In typical agenda-driven style, Montreal media are fond of mentioning Price's off-ice activities as a contributing factor to his struggles last season. If discipline was an issue, the responsibility lies with the coach.
At the end of last season, Bob Gainey correctly said that Price was the Canadiens' MVP for the first 25 games of the 2008-09 season. Price is potentially an elite-level goaltender with exceptional skills. He is capable of carrying a team as long as he is properly supported.
Price will benefit from no longer being "mentored" by Rollie Melanson. His instruction was not very effective and he certainly didn't do anything to divert attention from his goaltenders. Jacques Martin has already done many of the right things to establish a positive relationship with his primary goaltender.
Jaroslav Halak still believes that he can become a No. 1 goaltender in the NHL. Will he be given an opportunity to prove himself with another team? Let's hope that Halak has been counselled to realize that the grumbling and attitude he displayed last season will not make it easier for Gainey to give him his wish.
Curtis Sanford is off to a good start with the Hamilton Bulldogs. Sanford has two wins and sports a 1.69 goals-against average and a .935 save percentage. If called upon, Sandford's track record suggests that he could be an effective back-up to Price.
4. Size and toughness
Much has been made about the size of the Montreal Canadiens. The comments result from the diminutive stature of the first line. In fact, the new Habs that Bob Gainey added to the team are taller, on average, than the group that departed after last season.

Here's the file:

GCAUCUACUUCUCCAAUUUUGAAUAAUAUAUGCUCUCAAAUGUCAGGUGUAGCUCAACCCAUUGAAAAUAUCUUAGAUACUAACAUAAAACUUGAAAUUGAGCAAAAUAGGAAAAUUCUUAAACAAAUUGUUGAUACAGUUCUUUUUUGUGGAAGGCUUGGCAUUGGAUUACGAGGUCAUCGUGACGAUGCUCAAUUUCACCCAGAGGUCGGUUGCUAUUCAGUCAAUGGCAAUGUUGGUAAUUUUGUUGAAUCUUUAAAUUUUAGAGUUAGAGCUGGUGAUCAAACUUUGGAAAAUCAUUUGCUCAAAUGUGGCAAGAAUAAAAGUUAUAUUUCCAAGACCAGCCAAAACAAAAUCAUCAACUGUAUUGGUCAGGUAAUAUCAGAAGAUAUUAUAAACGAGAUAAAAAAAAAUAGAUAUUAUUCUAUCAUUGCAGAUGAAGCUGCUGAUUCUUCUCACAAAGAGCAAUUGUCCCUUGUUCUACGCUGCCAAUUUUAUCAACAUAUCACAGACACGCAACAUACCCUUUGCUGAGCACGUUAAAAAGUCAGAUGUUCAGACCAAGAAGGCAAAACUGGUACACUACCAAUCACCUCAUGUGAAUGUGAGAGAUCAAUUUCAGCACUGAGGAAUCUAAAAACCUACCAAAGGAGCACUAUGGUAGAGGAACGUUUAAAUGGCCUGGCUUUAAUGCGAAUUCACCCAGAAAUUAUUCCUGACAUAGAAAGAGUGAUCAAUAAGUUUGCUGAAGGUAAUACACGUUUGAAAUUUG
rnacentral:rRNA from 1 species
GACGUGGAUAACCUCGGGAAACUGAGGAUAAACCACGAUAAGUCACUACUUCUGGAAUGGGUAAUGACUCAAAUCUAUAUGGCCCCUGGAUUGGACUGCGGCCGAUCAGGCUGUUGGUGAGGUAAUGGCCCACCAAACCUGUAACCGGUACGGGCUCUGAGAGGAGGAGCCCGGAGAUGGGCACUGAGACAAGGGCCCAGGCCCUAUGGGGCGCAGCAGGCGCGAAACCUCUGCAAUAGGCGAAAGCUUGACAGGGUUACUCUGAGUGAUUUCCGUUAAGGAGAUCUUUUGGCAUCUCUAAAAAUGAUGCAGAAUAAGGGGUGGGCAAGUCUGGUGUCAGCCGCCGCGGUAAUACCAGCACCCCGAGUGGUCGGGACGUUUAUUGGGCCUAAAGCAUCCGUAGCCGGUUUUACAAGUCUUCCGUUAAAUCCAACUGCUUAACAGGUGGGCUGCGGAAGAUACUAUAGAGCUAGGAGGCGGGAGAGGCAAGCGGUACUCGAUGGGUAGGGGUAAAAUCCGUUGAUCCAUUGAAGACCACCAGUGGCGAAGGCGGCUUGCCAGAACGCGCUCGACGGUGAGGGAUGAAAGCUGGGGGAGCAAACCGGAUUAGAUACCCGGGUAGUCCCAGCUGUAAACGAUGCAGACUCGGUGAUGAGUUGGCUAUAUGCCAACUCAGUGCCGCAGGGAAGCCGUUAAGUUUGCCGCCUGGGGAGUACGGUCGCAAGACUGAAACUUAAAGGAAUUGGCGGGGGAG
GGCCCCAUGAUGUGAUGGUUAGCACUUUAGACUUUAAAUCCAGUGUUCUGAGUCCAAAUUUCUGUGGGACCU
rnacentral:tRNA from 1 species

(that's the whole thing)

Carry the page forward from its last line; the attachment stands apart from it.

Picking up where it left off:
Nonetheless, toughness is an issue for the Canadiens.
After seven games, is it a surprise that Brian Gionta has more penalty minutes than Georges Laraque? Since the first game of the season, following his first shift where he squared off with Colton Orr, Laraque has not had a fight nor taken a penalty of any kind. He has five penalty minutes this year.
While penalty minutes alone are not an indication of Laraque's effectiveness, opponents do not seem to fear his wrath, and have been taking liberties with the Canadiens' smaller forwards.
This is a disturbing trend that appeared last season when Laraque was only willing to engage in arranged fights and with players who met his size requirements. Laraque seems to have lost his enthusiasm for hits, fights, and standing up for his teammates.
That said, Laraque has shown what he is capable of by exhibiting a strong shift at the beginning of the game where he is effective with his linemates in cycling the puck. Unfortunately, Laraque is mostly invisible for the remainder of the game.
Laraque does have plenty of time for his off-ice pursuits, whether it is a media appearance, to voice his opinion on a league issue, or a promotional opportunity. Laraque has already found himself in hot water this season for his non-hockey projects.
After a promising season last year, Greg Stewart has struggled to find his game. As a result, Stewart has only made it into the Canadiens' lineup twice so far this year.
Travis Moen is proving to be a very valuable addition by Gainey. Moen has been physical, has more fights than Laraque, and has scored two goals. Moen is not in the class to take on the enforcer role but is a good example of team toughness.
As the Canadiens have struggled out of the gate, the pressure on the team from media and fans alike is increasing. While coach Martin argued that time was required to let leaders emerge, the strategy is now being questioned.
During times of stress and frustration, teams requires strong leadership. An effective captain can work to calm a dressing room of players who may begin to have questions of confidence. A captain can deflect media focus on a single player who may be underperforming and can ensure that there is no divide in the locker room.
Even after seven games, it is clear to most that Brian Gionta is the player who is the best choice to be the next captain of the Montreal Canadiens. He conveys leadership, on and off the ice. His calm demeanor is effective with media and his passion and work ethic are a model for his teammates.
One wonders how long coach Martin will wait before giving the 'C' to Gionta.